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Christian Smith-Socaris on November 4, 2008 - 5:59pm
After two presidential election cycles where we saw steady increases in youth voter participation, 2008 was the year that young voters really roar. The primary season saw increases in youth voter participation outstrip the large increases in general participation with turnout tripling or even quadrupling among young people in some states. In the general election youth voted at a rate not seen since 1992 and have increased their turnout 11 points since 2000. Importantly, people under 30 constitute the most progressive generation in memory. Therefore, encouraging them to become politically active is a major part of advancing progressive reform.
Voter Pre-registration: Allowing young people to pre-registar at 16 is a very easy but important reform that three states (Hawaii, Florida, and North Carolina) have implemented. This facilitates youth registration at two highly convenient locations — in school and at the motor vehicles department when applying for a driver's license. Currently, the majority of voters register when conducting business at motor vehicle departments, and this change will extend that option to younger people as well. And in doing so it will link in young people's minds the rite of passage of getting a driver's license with that of registering to vote. Additionally, allowing youth to register increases the salience of civic education as students can register then, not one or two years in the future. With no cost, this is an easy way to bring more young peole into the election process.
17-year-old primary voting: One way that states and political parties can respond to and further accommodate this growing desire among young people to be engaged citizens is allowing 17-year-olds who will be 18 by the general election to vote in the primaries. There are currently 14 states that allow these voters to participate in all primaries. Additionally, they can participate in the Democratic primary in Alaska, Kansas, North Dakota, and Washington.
It is important to note that passing legislation is only one way to open up these primaries to 17-year-olds. Under the federal constitution, political parties have the right to make their own rules that define who may participate in their primaries. As is evidenced by the four states where one of the major parties has allowed this participation and the other has not, parties can make this change without the input or blessing of the legislature. In fact, even where the state constitution puts an age limit of 18 on voters, the federal constitutional right of the parties supersedes and no constitutional amendment is required for the parties to change their primary eligibility rules.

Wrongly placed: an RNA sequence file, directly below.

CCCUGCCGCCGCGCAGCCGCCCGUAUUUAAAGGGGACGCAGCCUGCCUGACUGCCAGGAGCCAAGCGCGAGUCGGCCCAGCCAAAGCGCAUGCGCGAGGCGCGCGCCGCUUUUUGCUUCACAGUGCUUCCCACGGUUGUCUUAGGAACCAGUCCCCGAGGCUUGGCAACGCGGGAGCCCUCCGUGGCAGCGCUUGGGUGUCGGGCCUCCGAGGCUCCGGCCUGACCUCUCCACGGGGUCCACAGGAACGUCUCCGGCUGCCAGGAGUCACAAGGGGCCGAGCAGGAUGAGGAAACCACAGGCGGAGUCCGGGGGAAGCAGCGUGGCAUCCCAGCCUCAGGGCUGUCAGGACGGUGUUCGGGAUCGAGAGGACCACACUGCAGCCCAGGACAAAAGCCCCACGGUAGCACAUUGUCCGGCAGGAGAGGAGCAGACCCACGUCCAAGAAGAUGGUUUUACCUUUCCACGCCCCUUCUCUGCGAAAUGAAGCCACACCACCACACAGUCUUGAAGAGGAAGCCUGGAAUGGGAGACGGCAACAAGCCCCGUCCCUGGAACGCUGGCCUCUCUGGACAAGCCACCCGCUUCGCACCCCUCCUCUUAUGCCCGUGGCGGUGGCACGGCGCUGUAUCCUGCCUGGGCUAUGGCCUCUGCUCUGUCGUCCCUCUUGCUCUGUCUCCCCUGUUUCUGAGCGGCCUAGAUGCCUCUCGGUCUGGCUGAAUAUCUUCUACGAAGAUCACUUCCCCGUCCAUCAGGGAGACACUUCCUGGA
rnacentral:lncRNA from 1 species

FairVote — Should 17—Year—Olds Vote in the Primaries?
FairVote — 17—Year—Olds' Voting Rights in Party Primaries
FairVote — Maryland Youth Voting Rights Project
School Based Registration: Designating schools as voter registration agencies under NVRA or allowing guidance counselors to distribute and collect registrations is a convenient way to register young people. Some states are now contemplating whether to include registration as a requirement for high school graduation. If this is combined with advance voter registration at age 16, and the requirement was also applied to students dropping out, we would be getting close to universal registration through the schools.
In Louisiana, the House and Senate unanimously passed HB
990, which allows voter registration at offices of public
guidance counselors. And the California Legislature passed AB
183, which would make voter registration a requirement for
the bill was vetoed by the governor.
Progressive State Network — Steps States Can Take to Register Voters and Keep Them Registered
FariVote - Leave No Voter Behind: Seeking 100% Voter Registration and Effective Civic Education
FairVote — Learning Democracy: A Student's Guide to Voting